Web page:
As the US and North Atlantic Treaty Organization (Nato) begin their drawdown from Afghanistan, the coalition hopes to stave off disaster by pushing regional projects for 2014 and beyond. One is the “New Silk Road”, which envisages Afghanistan regaining its ancient status as a transcontinental trade and transit hub linking the Far East and the West. Glaring challenges, however, will impede this ambitious project.
Central Asia is an energy-rich, multi-ethnic region with impressive rates of growth. The US’s New Silk Road initiative hopes to improve the economic and political connectivity of countries across south Asia, central Asia, Eurasia, and the Middle East through the liberalization of trade barriers, the removal of bureaucratic customs procedures and the development of transit and energy infrastructure.
Prime Minister Manmohan Singh put this idea poetically by saying, “I dream of a day…one can have breakfast in Amritsar, lunch in Lahore, and dinner in Kabul.”
Interest in turning Afghanistan into a regional trade hub arose in the summer of 2010, when Pentagon officials announced an estimated $1 trillion of untapped mineral wealth, including gold, cobalt, iron, copper, silver and lithium. US officials, however, have been encouraging some iteration of this scheme for some time now, one example being the Silk Road Strategy Act of 1999.
Now, like then, US leaders have never consistently promoted the prospect of a better future for the region, for three reasons.
First, a New Silk Road is magical thinking, given that Afghanistan remains a hotbed of instability plagued by daunting challenges. Lack of security has already delayed Tapi, the natural gas pipeline linking Turkmenistan, Afghanistan, Pakistan and India.
For the foreseeable future, Afghanistan will remain an international suzerainty with power split between an internationally backed Western regime and a Pakistan, Saudi Arabia, and UAE-backed Taliban. It is unrealistic to assume that Afghanistan will yield an environment conducive to private sector-led growth, much less that its security will miraculously improve over the next 18 months.
Second, the relationship among countries in the region is shaky, as most are embroiled in ethnic, political and economic conflicts.
Tensions between Tajikistan and Uzbekistan have impeded economic ties between them. Trade agreements among Uzbekistan, Tajikistan and Kyrgyzstan have always remained fragile. Following last summer’s violence in southern Kyrgyzstan, the border between Uzbekistan and Kyrgyzstan has been closed for over a year. Uzbekistan has increased cargo transit fees by fivefold in the last two years and Tajikistan too has raised its tariffs twice over the same period. Such acrimony does not bode well for the free exchange of human and physical capital.
Closely related, China and Russia, both members of the Shanghai Cooperation Organization, are both uncomfortable with Washington taking the lead. Besides, while the New Silk Road can be dubbed the US’s brainchild, China’s version is quite different. It is based on three main corridors crisscrossing the Eurasian continent (the Eurasian Land Bridge) that serve as the main arteries from which rails, highways and pipelines will be built. The existing Trans-Siberian Railway runs from Vladivostok in eastern Russia to Moscow and connects to western Europe and Rotterdam. Another corridor runs from Lianyungang port in eastern China through Kazakhstan in central Asia and onto Rotterdam. A third runs from Pearl River Delta in south-east China through south Asia to Rotterdam.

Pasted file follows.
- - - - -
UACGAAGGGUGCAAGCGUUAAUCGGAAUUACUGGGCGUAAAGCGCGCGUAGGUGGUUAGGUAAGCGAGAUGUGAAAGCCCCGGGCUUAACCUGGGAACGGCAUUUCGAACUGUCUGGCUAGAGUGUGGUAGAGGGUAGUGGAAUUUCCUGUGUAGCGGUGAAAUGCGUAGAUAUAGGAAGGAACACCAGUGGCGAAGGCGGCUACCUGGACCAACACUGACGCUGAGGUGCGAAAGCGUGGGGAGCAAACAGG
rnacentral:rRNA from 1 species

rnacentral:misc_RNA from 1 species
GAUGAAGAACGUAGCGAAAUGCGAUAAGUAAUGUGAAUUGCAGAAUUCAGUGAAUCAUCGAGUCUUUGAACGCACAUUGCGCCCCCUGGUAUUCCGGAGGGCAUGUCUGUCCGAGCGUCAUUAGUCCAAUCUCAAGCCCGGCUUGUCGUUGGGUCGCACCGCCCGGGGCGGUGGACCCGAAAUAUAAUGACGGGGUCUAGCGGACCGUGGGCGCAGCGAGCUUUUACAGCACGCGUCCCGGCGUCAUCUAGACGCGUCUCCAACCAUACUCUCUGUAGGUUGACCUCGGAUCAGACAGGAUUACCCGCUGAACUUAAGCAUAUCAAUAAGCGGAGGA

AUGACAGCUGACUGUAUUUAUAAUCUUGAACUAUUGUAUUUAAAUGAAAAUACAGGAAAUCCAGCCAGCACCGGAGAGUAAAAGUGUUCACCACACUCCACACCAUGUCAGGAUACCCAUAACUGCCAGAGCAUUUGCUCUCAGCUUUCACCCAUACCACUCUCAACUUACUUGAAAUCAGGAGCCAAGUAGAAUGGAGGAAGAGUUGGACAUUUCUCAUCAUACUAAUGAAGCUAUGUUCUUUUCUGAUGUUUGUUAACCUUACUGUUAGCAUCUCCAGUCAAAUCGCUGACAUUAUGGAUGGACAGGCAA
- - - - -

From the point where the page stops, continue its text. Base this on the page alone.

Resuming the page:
Perhaps the biggest impediment to expanded regional connectivity is that what Washington perceives to be its interests is not synonymous with the pursuit of regional peace.
According to Andrew C. Kuchins, one of US’s leading experts on central Asia, “Iran and Pakistan are sceptical of the New Silk Road strategy to the extent that they view it as a US plan.” Indeed, the US constantly threatens to bomb Iran while currently being engaged in offensive operations in Pakistan.
With Tehran, Washington has few effective instruments to submerge the differences between them in the pursuit of common regional objectives. Both seem unwilling to engage in direct talks, much less make reciprocal concessions.
In Islamabad—despite the latter’s crushing energy needs—last month, secretary of state Hillary Clinton warned that the US would impose sanctions if Pakistan went ahead with a proposed gas pipeline project with Iran. Such inconsistent policies—of calling for regional integration and subsequently sabotaging it—assumes that merely promoting a vision of sustainable growth and good governance will lead ineluctably to measures that guide its implementation.
The pivotal reasoning behind the New Silk Road is that economic incentives will reinforce political integration and long-term stabilization. This, however, puts the cart before the horse. For centuries, central Asia has been a cockpit of regional competition. Consequently, anything approaching an adequate or even plausible strategy must accept the likelihood that the region’s underlying historical rivalries might be immutable. Moreover, America’s interests are not the same as that of various countries in the region, and to assume otherwise hinders the ability to shape a coherent regional economic strategy.
The US and Nato officials continue to call for pursuing greater regional diplomacy, however, they have yet to put forward precise ideas about the content of such a negotiation that will include all of Afghanistan’s neighbours.
Malou Innocent and Tridivesh Singh Maini are, respectively, foreign policy analyst at CATO Institute and an associate fellow at the Observer Research Foundation
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